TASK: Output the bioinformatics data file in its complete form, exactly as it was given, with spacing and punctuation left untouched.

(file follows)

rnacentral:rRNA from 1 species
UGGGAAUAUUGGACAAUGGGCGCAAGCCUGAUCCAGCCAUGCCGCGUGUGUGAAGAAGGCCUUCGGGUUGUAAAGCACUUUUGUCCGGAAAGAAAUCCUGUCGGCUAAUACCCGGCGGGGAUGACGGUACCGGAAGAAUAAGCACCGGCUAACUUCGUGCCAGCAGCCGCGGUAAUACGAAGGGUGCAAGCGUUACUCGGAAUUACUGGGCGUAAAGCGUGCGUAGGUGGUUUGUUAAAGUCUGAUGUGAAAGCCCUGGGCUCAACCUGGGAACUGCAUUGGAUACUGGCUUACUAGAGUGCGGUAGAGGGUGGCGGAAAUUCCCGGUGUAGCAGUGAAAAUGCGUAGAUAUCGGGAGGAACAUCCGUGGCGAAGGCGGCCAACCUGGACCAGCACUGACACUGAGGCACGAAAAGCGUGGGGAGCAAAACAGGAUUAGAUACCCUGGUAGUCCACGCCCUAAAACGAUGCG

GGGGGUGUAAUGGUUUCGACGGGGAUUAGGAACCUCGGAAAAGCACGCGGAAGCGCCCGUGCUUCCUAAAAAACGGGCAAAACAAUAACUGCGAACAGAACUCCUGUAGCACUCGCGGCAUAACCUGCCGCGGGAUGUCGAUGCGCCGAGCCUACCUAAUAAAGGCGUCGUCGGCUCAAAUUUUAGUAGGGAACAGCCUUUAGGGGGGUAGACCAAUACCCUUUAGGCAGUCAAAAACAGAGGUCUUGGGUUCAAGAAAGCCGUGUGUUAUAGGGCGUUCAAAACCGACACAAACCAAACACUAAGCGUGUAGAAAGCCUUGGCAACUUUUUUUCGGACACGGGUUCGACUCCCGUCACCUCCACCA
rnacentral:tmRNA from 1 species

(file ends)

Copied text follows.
rnacentral:rRNA from 1 species
UGGGAAUAUUGGACAAUGGGCGCAAGCCUGAUCCAGCCAUGCCGCGUGUGUGAAGAAGGCCUUCGGGUUGUAAAGCACUUUUGUCCGGAAAGAAAUCCUGUCGGCUAAUACCCGGCGGGGAUGACGGUACCGGAAGAAUAAGCACCGGCUAACUUCGUGCCAGCAGCCGCGGUAAUACGAAGGGUGCAAGCGUUACUCGGAAUUACUGGGCGUAAAGCGUGCGUAGGUGGUUUGUUAAAGUCUGAUGUGAAAGCCCUGGGCUCAACCUGGGAACUGCAUUGGAUACUGGCUUACUAGAGUGCGGUAGAGGGUGGCGGAAAUUCCCGGUGUAGCAGUGAAAAUGCGUAGAUAUCGGGAGGAACAUCCGUGGCGAAGGCGGCCAACCUGGACCAGCACUGACACUGAGGCACGAAAAGCGUGGGGAGCAAAACAGGAUUAGAUACCCUGGUAGUCCACGCCCUAAAACGAUGCG

GGGGGUGUAAUGGUUUCGACGGGGAUUAGGAACCUCGGAAAAGCACGCGGAAGCGCCCGUGCUUCCUAAAAAACGGGCAAAACAAUAACUGCGAACAGAACUCCUGUAGCACUCGCGGCAUAACCUGCCGCGGGAUGUCGAUGCGCCGAGCCUACCUAAUAAAGGCGUCGUCGGCUCAAAUUUUAGUAGGGAACAGCCUUUAGGGGGGUAGACCAAUACCCUUUAGGCAGUCAAAAACAGAGGUCUUGGGUUCAAGAAAGCCGUGUGUUAUAGGGCGUUCAAAACCGACACAAACCAAACACUAAGCGUGUAGAAAGCCUUGGCAACUUUUUUUCGGACACGGGUUCGACUCCCGUCACCUCCACCA
rnacentral:tmRNA from 1 species